Item description for How Now Shall We Live? Devotional (Colson, Charles) by Charles W. Colson & Anne Morse...
Overview This devotional is a compilation of 365 meditations on being a counterculture Christian. Through inspiring true stories and compelling teaching, Colson equips readers to expose the false views and values of modern culture and become more effective in evangelism.
Publishers Description In the "How Now Shall We Live? Devotional, " readers will find further encouragement to become counterculture Christians. Through inspiring true stories and compelling teaching, the 365 devotions, compiled from Chuck Colson's daily "BreakPoint" radio commentaries, challenge Christians to redeem modern culture by living out a biblical worldview.
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Studio: Tyndale House Publishers, Inc.
Est. Packaging Dimensions: Length: 1.25" Width: 6" Height: 9" Weight: 2.2 lbs.
Release Date Nov 1, 2004
Publisher Tyndale House Publishers
ISBN 0842354093 ISBN13 9780842354097
Availability 0 units.
More About Charles W. Colson & Anne Morse
Chuck Colson was a popular and widely known author, speaker, and radio commentator. A former presidential aide to Richard Nixon and founder of the international ministry Prison Fellowship, he wrote several books that have shaped Christian thinking on a variety of subjects, including Born Again, Loving God, How Now Shall We Live?, The Good Life, and The Faith. His radio broadcast, BreakPoint, at one point aired to two million listeners. Chuck Colson donated all of his royalties, awards, and speaking fees to Prison Fellowship Ministries.
Reviews - What do customers think about How Now Shall We Live? Devotional (Colson, Charles)?
Infuriating Feb 11, 2007
I have rarely despised a book as much as this one. A commenter on the reviews for The God Delusion suggested I read this book for another view. What I got was a series of self-important anecdotes, adequately (but hardly stunningly) written, with a massive overdose of smugness and self-delusion.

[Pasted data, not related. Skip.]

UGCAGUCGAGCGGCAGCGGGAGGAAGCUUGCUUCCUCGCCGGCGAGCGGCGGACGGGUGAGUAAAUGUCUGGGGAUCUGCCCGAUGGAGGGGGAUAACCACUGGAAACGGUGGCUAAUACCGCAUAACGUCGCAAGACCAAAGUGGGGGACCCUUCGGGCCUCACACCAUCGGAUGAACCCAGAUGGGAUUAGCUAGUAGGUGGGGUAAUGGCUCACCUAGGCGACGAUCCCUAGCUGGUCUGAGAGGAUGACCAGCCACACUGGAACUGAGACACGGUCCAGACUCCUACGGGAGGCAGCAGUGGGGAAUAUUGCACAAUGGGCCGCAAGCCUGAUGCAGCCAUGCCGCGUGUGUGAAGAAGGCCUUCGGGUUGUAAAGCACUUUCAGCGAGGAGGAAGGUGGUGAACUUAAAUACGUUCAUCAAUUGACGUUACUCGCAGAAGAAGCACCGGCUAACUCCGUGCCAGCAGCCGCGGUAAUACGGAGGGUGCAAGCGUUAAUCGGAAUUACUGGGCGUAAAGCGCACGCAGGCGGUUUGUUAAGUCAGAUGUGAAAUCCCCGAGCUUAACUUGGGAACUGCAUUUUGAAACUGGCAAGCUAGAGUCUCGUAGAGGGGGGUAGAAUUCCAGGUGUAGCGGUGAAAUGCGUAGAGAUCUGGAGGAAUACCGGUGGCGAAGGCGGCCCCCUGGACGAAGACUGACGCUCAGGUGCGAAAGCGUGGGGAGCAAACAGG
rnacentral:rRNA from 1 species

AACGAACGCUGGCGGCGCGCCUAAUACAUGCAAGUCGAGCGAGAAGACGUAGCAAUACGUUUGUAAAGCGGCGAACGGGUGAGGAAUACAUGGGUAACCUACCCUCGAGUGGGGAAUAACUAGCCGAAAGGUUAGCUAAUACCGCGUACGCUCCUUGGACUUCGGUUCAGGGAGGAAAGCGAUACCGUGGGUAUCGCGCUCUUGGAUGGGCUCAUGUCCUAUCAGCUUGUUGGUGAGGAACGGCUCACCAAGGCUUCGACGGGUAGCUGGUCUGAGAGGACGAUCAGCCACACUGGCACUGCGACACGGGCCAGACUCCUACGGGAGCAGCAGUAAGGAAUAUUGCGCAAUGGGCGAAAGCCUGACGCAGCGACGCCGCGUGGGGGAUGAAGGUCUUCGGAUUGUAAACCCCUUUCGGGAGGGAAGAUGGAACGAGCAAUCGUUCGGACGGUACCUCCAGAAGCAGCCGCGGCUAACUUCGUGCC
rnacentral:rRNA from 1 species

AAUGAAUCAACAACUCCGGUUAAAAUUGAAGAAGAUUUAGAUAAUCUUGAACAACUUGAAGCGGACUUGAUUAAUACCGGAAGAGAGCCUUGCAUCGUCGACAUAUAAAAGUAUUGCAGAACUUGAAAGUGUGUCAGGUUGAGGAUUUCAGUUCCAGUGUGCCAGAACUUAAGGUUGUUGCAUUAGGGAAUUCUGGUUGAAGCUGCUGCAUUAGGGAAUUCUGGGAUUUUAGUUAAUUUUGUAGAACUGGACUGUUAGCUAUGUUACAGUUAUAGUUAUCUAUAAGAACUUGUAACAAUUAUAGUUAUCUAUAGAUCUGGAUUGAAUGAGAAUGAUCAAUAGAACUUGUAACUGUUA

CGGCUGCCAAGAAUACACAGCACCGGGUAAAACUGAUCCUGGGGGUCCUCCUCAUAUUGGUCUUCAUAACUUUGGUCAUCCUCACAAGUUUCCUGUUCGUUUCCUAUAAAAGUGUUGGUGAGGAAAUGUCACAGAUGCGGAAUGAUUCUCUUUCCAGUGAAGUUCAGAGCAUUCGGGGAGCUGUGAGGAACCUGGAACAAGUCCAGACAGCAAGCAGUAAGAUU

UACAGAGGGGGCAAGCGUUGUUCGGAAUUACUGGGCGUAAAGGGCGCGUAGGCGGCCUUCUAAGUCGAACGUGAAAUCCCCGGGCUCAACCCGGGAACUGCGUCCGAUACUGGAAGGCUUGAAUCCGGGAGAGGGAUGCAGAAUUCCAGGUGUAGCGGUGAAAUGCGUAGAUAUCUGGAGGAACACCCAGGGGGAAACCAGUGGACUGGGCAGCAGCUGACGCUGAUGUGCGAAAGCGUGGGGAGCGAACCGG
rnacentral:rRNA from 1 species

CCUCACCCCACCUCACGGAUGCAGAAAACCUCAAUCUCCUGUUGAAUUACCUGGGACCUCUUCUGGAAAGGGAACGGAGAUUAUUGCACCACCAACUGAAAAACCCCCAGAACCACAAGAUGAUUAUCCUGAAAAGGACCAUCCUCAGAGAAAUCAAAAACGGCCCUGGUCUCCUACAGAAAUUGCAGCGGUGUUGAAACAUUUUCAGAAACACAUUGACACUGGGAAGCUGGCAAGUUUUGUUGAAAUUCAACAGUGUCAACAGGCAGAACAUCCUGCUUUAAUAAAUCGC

The book expounds a useful concept, that of the 'worldview'. The descriptions of the naturalistic worldview were by and large accurate (IMO), and they were the only paragraphs I could agree with. By asking irrelevant questions (Which worldview supports human dignity?), the authors hope to convince the reader of the truth of christianity, but only convince us of the power of suggestion. By making several true statements in succession, the unprepared mind accepts blindly the unsupported conclusion. (See the discussion of the finite vs eternal universe, for example.)
I imagine a christian would be nodding like a toy dog hung in the back of a car at almost every paragraph and sentence. There is little that can be shown outright to be false, after all. But only if you ALREADY hold the christian worldview would you ever connect-the-dots to create the conclusion.
That this book could be used as an argument for the christian worldview only goes to show just how bankrupt it is. I wish I could get my money back (can't resell it--been thrown against the wall too often). Had I not agreed to read this disaster of an apologetic, I could have several days of my life back too.
Zero (or fewer) stars.
How now shall we live Jan 15, 2007
The book is very well written, rational informative and inspiring. It conveys a message of mere Christianity in a world which is becoming allways nore secular and shows clearly the sharp contrast between the two diametrically opposed cultures.
Less artful than C.S. Lewis, but Colson's defense is just as solid Dec 23, 2006
Author Charles Colson derives the title of this book from the Jews' long-heard cry to their God during the great exile from the Promised Land. It's a fitting title for the age we`re living in, especially for the Christian who often feels alienated while pondering life in such changing times. I read this book nearly in accordance to reading the C.S. Lewis classic "Mere Christianity." Both books more or less try to explain the central tenets of Christian doctrine by setting up their relationship to the `revolutionized' worldviews now underpinning society to some sort of foundation. This book is refreshing especially in context of our own `information age,' where knowledge (and lies) can now make it across continents in a matter of seconds. In a way, Colson's book is a logical extension of Lewis's work, both using personal experience to frame the Christian faith for others. However, Colson does not have the eloquence that an Oxford professor of religion might weave into his personal defense of Christianity. Nonetheless, "How Now Shall We Live" does have the great convenience of updating the information-consuming lay reader about how Christianity establishes a rational worldview for modern day.
Colson, as a prominent chief counsel to President Richard Nixon, spent a life-changing, seven-month prison term for his involvement with the Watergate scandal. Inside the pressing and disheartening prison walls, Colson found God through a critical examination of his own life, and when he left a free man, founded the Prison Fellowship ministry foundation. His co-author of "How Now Shall We Live," Nancy Pearcey, is currently a Francis A. Schaeffer scholar at World Journalism Institute.